Tilden's Candidacy


 “Not a Bad Idea"
  Cartoonist:  Thomas Nast
  Source:  Harper's Weekly
  Date:   June 5, 1880, p. 361

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Complete HarpWeek Explanation:
Senator David Davis of Illinois had been a key figure in national politics for twenty years. In 1860, he served as Abraham Lincoln's campaign manager, then was appointed by President Lincoln to the U.S. Supreme Court in 1862. His high court tenure is best remembered for his authorship of the majority opinion in Ex Parte Milligan (1866), which ruled that the military trial and conviction of a civilian outside of the theater of war, where the civil courts were functioning, violated the Constitution. Like his judicial colleague, Chief Justice Salmon Chase, Davis yearned to be president himself. In 1872, Davis was a leading contender for the nomination of the Liberal Republican party, but lost to New York Tribune editor Horace Greeley.

In 1876, when disputed electoral college returns resulted in uncertainty as to which candidate, Democrat Samuel Tilden or Republican Rutherford Hayes, had won the presidential election, Davis became a major figure in the unfolding drama. Congressional Democrats agreed to establish a bipartisan electoral commission to resolve the dispute, and thus decide the election, because they assumed that Justice Davis would be the deciding vote. Democrats thought that Davis, an independent with Democratic leanings by that time, would be sympathetic to their case. Instead, Davis resigned from the Court and the commission after being elected to the Senate by a coalition of Democrats and Greenbackers in the Illinois legislature (until 1913 state legislatures elected U.S. senators).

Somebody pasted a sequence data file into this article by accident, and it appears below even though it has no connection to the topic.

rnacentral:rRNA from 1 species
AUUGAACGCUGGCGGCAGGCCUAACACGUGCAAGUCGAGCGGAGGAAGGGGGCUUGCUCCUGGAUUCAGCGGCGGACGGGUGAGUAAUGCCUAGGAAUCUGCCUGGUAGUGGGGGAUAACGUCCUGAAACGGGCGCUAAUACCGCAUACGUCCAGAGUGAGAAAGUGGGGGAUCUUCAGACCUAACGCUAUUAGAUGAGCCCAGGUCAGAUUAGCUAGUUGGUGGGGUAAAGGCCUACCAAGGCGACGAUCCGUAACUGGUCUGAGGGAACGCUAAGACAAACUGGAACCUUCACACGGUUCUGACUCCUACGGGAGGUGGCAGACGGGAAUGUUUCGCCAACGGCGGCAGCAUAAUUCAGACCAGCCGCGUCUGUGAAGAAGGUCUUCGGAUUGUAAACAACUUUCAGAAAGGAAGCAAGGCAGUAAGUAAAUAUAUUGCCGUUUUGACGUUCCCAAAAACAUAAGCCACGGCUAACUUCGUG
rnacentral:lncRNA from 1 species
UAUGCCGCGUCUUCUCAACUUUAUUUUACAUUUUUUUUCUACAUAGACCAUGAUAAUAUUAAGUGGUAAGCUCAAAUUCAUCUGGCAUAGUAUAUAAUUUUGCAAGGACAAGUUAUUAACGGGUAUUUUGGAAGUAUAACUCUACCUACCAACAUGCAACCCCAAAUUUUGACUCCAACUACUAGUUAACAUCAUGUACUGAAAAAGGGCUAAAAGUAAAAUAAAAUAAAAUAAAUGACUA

Thomas Nast not only lampooned Samuel Tilden's age and infirmity by drawing him in numerous cartoons as an Ancient Egyptian sarcophagus, but the artist sometimes pictured the Tilden mummy-casket as a burden on the back of another person (e.g., Louisville Courier-Journal editor Henry Watterson or 1880 Democratic presidential nominee Winfield Hancock), here, David Davis. Some political observers suggested a national ticket of Tilden and Davis could be a winning combination for Democrats in 1880. Nast, a Republican, seems to agree-"Not a Bad Idea"-but the proposal primarily allows him to ridicule both Tilden and Davis's girth.













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